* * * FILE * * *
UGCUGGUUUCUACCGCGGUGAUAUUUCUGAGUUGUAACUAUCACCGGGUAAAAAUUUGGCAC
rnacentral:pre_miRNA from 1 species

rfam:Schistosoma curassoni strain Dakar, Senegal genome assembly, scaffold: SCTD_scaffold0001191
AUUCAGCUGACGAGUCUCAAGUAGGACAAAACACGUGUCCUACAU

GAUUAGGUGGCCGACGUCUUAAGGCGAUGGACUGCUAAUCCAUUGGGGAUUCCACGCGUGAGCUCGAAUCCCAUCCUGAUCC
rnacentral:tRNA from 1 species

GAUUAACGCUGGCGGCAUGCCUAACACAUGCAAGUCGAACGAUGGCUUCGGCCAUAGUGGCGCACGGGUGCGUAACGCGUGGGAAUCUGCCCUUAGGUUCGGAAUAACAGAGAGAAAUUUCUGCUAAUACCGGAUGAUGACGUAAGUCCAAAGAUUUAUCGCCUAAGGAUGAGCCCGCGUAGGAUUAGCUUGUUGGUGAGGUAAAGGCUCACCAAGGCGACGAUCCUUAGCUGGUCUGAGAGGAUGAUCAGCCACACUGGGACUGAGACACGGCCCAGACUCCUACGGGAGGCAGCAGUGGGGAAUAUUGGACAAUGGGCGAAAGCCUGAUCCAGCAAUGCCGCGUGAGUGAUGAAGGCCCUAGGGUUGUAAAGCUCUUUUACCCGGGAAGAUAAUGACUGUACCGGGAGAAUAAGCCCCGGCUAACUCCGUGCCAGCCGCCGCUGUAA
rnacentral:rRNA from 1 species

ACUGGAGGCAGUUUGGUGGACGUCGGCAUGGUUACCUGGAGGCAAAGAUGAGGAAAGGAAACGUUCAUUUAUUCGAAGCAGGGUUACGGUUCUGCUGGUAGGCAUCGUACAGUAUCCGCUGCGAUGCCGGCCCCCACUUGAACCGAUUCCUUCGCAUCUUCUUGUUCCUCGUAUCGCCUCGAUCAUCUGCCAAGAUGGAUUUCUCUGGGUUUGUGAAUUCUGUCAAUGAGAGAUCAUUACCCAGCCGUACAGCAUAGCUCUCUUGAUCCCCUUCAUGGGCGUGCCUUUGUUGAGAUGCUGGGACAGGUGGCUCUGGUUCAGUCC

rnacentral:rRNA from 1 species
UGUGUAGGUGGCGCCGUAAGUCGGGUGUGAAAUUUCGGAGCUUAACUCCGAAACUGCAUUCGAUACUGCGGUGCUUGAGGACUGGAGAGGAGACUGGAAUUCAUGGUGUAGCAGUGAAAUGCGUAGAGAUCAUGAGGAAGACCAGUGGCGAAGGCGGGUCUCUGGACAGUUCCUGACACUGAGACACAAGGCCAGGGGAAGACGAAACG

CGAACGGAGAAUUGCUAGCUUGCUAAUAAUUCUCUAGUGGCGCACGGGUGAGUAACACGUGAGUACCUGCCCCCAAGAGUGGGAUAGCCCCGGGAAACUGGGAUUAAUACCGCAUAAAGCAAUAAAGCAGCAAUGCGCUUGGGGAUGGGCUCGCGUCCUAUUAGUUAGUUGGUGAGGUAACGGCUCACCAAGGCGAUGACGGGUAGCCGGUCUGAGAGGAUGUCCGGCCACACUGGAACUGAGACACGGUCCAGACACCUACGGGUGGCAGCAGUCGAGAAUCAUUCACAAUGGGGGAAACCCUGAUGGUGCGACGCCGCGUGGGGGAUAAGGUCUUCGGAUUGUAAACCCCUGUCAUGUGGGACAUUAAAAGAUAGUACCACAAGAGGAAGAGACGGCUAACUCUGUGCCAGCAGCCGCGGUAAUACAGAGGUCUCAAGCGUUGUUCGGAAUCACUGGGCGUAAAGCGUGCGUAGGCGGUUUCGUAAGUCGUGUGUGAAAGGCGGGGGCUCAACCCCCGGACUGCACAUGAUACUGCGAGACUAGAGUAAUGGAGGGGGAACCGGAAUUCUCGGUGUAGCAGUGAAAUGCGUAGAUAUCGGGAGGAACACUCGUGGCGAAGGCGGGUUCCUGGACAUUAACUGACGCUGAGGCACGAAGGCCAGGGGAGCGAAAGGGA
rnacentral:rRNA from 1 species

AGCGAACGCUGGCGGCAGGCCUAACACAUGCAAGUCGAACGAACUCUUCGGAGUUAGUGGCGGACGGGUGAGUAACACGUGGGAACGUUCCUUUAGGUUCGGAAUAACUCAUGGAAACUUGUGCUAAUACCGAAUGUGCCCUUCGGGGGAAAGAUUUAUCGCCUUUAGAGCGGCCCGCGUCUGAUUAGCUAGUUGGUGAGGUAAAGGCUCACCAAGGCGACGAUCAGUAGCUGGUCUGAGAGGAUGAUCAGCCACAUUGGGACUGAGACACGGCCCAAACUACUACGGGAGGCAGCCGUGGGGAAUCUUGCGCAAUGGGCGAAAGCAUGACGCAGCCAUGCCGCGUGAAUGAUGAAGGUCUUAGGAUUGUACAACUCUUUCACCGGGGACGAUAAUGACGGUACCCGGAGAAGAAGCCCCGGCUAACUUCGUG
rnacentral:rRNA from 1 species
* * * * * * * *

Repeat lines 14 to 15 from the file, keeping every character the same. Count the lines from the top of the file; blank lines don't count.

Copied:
AGCGAACGCUGGCGGCAGGCCUAACACAUGCAAGUCGAACGAACUCUUCGGAGUUAGUGGCGGACGGGUGAGUAACACGUGGGAACGUUCCUUUAGGUUCGGAAUAACUCAUGGAAACUUGUGCUAAUACCGAAUGUGCCCUUCGGGGGAAAGAUUUAUCGCCUUUAGAGCGGCCCGCGUCUGAUUAGCUAGUUGGUGAGGUAAAGGCUCACCAAGGCGACGAUCAGUAGCUGGUCUGAGAGGAUGAUCAGCCACAUUGGGACUGAGACACGGCCCAAACUACUACGGGAGGCAGCCGUGGGGAAUCUUGCGCAAUGGGCGAAAGCAUGACGCAGCCAUGCCGCGUGAAUGAUGAAGGUCUUAGGAUUGUACAACUCUUUCACCGGGGACGAUAAUGACGGUACCCGGAGAAGAAGCCCCGGCUAACUUCGUG
rnacentral:rRNA from 1 species